Second time’s the charm, right? Today, we managed to wake up in time – thanks to the trusty alarm on our digital camera! – and set out on our third sunrise adventure… kind of.
We were headed to Borobudur
Borobudur is the largest Buddhist monument in the world. All of the guide books tell you to go at sunrise, and the travel companies advertise a sunrise trip, but actually trips typically don’t arrive at the site until the park opens, at 6:00am. If we wanted to see sunrise from Borobudur, we’d have to “go in the back door” which requires a large fee (maybe $10-20 USD) so that you can get in before the park actually opens – something the guide books fail to mention! But, no harm done, it is a beautiful site to see no matter what time of the day.
Borobudur was built in the 9th century and is very impressive. The entire structure has three main levels which take you through the spiritual journey of Buddhism.
The first level represents the first tenant of Buddhism – suffering and worldly temptations and sins. As such, much of the base reliefs on the first level depict sinful behavior and reactions to or consequences of those actions. These two base reliefs show two “sins” of Buddhism – gossiping and drinking alcohol.
Most of the base reliefs on this level have been covered with an outer layer of stone – this stone serves the purpose of supporting and reinforcing the structure, but it also conveniently covers up depictions of sinful behavior – including those which have been deemed inappropriate, such as depictions of the Kama Sutra…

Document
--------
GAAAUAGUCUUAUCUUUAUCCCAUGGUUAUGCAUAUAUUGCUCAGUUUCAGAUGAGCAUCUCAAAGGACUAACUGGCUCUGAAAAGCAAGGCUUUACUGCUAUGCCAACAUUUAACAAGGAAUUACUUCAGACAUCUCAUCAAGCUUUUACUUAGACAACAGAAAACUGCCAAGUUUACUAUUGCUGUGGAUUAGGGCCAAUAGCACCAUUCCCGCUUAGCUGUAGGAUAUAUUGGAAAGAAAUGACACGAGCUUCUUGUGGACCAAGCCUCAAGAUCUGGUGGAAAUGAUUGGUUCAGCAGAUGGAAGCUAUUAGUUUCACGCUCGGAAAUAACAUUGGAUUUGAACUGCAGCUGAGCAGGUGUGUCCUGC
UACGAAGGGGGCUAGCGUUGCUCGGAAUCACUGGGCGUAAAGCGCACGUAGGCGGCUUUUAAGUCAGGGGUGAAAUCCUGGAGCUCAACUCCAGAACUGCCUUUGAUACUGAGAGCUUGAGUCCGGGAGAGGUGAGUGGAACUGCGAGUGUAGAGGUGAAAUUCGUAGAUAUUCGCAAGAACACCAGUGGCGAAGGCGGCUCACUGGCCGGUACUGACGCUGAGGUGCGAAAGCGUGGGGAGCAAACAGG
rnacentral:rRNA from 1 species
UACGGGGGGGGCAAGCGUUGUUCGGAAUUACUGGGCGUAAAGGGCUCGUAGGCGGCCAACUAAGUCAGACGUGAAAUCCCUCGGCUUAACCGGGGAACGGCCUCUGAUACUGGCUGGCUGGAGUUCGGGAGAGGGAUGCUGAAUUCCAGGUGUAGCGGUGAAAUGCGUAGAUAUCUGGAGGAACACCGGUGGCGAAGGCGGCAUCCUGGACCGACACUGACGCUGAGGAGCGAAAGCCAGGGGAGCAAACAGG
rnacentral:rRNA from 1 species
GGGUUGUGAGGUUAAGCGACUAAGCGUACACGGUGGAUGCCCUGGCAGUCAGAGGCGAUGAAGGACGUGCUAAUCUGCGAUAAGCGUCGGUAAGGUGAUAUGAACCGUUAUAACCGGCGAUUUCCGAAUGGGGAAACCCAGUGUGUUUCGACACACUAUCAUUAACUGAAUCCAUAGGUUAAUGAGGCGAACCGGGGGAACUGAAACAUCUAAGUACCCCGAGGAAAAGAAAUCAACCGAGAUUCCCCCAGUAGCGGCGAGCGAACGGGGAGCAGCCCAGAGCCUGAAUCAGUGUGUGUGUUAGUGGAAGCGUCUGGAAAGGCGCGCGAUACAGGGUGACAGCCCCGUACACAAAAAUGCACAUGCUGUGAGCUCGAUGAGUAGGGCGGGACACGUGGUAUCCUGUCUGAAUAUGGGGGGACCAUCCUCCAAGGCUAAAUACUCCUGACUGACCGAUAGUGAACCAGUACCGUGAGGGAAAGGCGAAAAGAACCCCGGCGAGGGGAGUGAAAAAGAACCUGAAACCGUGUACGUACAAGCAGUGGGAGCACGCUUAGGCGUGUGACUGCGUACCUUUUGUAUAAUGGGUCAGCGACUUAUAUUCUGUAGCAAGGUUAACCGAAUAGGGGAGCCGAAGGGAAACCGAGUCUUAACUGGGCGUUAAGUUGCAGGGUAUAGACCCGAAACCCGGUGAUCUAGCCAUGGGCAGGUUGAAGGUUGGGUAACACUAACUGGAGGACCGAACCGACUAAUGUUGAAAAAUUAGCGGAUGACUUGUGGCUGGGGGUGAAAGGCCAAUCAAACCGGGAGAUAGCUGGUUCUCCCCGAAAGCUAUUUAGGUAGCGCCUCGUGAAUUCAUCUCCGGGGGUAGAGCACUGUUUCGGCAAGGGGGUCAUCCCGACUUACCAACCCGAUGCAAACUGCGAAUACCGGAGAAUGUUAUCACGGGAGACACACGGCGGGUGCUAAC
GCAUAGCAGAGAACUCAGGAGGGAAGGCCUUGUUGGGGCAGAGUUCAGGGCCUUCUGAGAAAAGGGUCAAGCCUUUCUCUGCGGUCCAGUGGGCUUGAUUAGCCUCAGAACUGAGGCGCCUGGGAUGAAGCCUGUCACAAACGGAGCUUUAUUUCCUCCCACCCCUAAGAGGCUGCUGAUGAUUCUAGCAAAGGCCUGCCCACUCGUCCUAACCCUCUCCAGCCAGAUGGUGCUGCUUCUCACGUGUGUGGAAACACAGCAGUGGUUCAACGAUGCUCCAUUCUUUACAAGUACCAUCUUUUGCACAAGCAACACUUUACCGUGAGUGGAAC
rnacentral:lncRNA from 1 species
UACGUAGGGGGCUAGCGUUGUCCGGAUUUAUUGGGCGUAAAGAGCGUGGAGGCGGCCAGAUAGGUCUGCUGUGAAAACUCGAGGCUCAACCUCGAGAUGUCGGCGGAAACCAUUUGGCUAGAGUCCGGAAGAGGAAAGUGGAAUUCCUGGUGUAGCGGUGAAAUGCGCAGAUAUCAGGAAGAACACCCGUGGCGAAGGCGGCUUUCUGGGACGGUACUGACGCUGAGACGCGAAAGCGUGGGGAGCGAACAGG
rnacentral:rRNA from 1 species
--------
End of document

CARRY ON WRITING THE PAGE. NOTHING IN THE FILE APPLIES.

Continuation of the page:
Moving on, the second layer has more base-reliefs mostly depicting the story of the life of Buddha and the path to enlightenment. This level has tons of Buddhas and bodhisattvas, many of which are missing hands or heads.
The top level of Borobudur represents Nirvana or enlightenment and is full of very large formations called stupas.
There are many different interpretations of these things, but the one our tour guide told us was that they represent the only three possessions that a Buddhist must have. The bell shape at the bottom represents the robe, the square represents the bowl for food and the pole on the top represents the walking stick. These are the only three possessions that the Buddhist monk should have and they can be used as a focal point for meditation – thus the stupa.
All of the stupas on top contain Buddhas inside, this one was taken open as an example –
One of the stupas is said to have the “fortune” Buddha inside, although this has nothing to do with the actual religion of Buddhism. According to local myth, if you reach inside and touch the Buddha, good fortune will come to you. Women reach in and touch their right hand to the Buddha’s right foot
Men reach in to touch their right hand to the Buddha’s right hand – this is a picture of Nick’s hand inside the Buddha statue.
What is actually amazing is that this monument was originally built without any mortar at all. The base is just bricks laid one on top of the other. On the higher levels, they used a tongue and groove system to keep it all together. The entire complex was quite impressive, but after 2 hours of walking around, it was time to head to the next big site here in central Java: Prambanan... to be continued!